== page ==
On Thursday, April 3, the Senate Select Committee on Intelligence (SSCI) voted to declassify a summary of the report it completed over a year ago investigating the CIA’s use of torture. Over 90 percent of the document will remain secret—only around 480 pages of the 6,300-page report will be declassified. The document won’t be available to the public for several months, as it is in the process of being reviewed for declassification by the White House. This involves the document being edited by multiple agencies including the CIA itself, which seems like a conflict of interest—especially considering the fact that the SSCI suspects the CIA of spying on computers that were used to conduct the investigation.
Within the report are details of how detainees were subjected to what has been called enhanced interrogation techniques, such as waterboarding. The report also reveals that at least five detainees died while in CIA custody, including one man that died of hypothermia. Also included is evidence of the CIA repeatedly leaking classified information to the media in order to manipulate public opinion of the use of torture. SSCI chair Dianne Feinstein stated that the report provides evidence that the CIA misled Congress, the executive branch and the American public about the timing, extent, and success rate of the torture program.
To date, no government official has ever been prosecuted for their involvement in the use of torture, although former CIA officer John Kiriakou is currently in jail for speaking to the press and confirming the use of waterboarding on al-Qaeda prisoners. Among those that were involved in the approval and justification of the torture program are former President George Bush, Vice President Dick Cheney, Defense Secretary Donald Rumsfeld and National Security Advisor Condoleezza Rice.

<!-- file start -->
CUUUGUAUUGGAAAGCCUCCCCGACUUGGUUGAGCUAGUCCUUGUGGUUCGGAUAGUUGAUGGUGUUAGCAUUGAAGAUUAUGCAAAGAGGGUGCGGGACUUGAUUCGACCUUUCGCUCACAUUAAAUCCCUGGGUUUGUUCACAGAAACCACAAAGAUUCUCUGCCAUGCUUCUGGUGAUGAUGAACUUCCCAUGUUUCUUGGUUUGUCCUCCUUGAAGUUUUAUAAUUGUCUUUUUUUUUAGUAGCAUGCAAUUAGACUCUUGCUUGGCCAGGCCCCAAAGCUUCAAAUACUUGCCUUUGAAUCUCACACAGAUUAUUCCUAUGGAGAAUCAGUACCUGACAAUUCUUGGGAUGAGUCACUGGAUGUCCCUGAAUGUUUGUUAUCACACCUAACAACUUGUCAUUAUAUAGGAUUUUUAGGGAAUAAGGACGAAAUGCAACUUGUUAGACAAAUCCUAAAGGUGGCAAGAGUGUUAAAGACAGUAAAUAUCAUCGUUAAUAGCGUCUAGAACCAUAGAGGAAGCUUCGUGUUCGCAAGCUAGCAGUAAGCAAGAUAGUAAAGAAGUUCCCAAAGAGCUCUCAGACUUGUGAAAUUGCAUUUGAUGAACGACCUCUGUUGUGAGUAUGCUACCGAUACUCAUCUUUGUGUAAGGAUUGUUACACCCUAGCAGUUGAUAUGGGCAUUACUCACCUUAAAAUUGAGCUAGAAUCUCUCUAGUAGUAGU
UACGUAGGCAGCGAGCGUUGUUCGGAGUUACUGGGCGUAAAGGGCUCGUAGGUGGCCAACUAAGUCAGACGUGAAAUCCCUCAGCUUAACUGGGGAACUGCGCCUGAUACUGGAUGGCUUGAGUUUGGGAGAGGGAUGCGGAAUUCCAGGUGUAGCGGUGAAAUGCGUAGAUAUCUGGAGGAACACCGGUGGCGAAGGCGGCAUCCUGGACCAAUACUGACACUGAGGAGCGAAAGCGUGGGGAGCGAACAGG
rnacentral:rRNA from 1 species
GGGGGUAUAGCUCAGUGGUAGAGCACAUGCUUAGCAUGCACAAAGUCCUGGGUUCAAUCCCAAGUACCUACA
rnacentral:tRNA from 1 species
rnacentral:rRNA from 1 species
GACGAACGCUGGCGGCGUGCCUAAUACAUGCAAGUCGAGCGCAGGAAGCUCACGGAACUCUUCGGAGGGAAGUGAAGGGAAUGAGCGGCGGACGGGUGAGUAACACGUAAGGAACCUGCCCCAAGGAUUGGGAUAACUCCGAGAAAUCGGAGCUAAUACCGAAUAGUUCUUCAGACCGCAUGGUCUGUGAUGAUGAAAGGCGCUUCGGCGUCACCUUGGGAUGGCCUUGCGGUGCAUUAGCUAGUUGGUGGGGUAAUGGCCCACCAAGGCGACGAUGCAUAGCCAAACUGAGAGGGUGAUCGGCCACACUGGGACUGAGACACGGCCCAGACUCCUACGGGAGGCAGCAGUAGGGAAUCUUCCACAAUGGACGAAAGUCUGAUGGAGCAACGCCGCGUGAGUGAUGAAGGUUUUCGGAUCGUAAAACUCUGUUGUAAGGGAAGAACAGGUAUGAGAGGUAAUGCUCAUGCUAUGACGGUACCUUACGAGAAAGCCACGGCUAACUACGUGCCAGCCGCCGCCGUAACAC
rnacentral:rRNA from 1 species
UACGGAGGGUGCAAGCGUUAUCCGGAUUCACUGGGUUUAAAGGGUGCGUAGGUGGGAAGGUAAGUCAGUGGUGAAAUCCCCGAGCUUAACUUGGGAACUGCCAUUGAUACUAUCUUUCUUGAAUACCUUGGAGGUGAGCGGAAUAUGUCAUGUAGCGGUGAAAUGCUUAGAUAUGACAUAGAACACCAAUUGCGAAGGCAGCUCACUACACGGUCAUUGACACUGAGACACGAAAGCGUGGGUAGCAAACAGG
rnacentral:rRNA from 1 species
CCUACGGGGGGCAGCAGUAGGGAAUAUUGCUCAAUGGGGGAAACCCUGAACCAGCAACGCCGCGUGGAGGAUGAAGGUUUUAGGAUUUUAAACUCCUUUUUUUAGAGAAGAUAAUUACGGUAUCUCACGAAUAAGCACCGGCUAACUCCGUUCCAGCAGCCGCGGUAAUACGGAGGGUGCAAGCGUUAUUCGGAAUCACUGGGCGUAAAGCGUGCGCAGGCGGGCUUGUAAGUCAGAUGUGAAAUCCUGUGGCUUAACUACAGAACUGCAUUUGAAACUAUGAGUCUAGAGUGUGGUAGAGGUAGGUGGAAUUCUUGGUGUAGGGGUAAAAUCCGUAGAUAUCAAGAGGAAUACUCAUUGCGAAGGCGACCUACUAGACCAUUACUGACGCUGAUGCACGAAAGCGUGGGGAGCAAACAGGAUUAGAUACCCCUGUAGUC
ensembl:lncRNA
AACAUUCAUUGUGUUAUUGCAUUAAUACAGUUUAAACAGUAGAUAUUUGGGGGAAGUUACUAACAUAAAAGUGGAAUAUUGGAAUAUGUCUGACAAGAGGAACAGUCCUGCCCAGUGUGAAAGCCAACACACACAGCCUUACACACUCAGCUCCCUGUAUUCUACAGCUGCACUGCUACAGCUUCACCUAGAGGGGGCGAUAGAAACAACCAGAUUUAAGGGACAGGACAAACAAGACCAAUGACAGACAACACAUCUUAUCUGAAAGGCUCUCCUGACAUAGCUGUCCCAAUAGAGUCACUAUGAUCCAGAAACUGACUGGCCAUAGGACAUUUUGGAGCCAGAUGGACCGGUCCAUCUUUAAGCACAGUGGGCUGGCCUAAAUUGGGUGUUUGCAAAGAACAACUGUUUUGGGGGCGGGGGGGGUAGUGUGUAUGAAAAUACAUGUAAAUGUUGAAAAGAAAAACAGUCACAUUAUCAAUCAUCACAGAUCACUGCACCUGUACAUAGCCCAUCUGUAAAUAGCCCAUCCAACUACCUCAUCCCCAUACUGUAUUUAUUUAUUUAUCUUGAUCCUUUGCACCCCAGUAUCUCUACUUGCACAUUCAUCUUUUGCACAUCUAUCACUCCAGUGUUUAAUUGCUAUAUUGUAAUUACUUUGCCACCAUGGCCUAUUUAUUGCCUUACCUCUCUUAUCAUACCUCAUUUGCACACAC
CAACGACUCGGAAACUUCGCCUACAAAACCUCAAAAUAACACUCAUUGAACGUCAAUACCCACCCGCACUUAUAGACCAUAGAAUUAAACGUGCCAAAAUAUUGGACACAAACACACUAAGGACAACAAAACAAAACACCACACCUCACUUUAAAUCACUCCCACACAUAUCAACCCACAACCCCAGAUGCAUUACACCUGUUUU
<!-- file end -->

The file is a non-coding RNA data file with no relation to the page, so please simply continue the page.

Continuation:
Recently, the UN Human Rights Committee found the United States to have violated human rights in 25 different ways, which included statements on the CIA torture use. They stated that lack of investigations, prosecutions and convictions of those involved in the program is a violation of human rights and that the details remaining secret creates a barriers for accountability and redress for those that had their human rights violated.
While I understand the goal of keeping our citizens safe, I wonder if the ends can justify the means. How is it justifiable to violate the human rights of some people without their guilt being determined by the justice system in order to promote the safety of others? Are the lives of Americans worth more than the lives of others simply because we pay taxes that enable our government to act virtually unchecked supposedly in our best interest?
If United States citizens were the ones being subjected to this treatment by the governments of foreign countries, I would hope that our government would do everything within their power to end the violation of human rights as an extension of its duty to protect the wellbeing of its citizens. But if this is the case, then they should also be striving for the end of this kind of treatment for citizens of the world, not just its own citizens. It is this kind of thinking that keeps humans segregated into different groups that think and act in their own interests instead of striving for the betterment of our race as a whole.
We should be calling for the release of the full report, as a way to make sure our government can be held accountable for the way it acts and to make sure that it starts acting in ways that its people support. Those that implemented the program as well as those who are now trying to cover it up should be held accountable for their actions. The United States should be leading by example, and act in such a way that reinforces the idea that all humans have rights that should not be violated for any reason.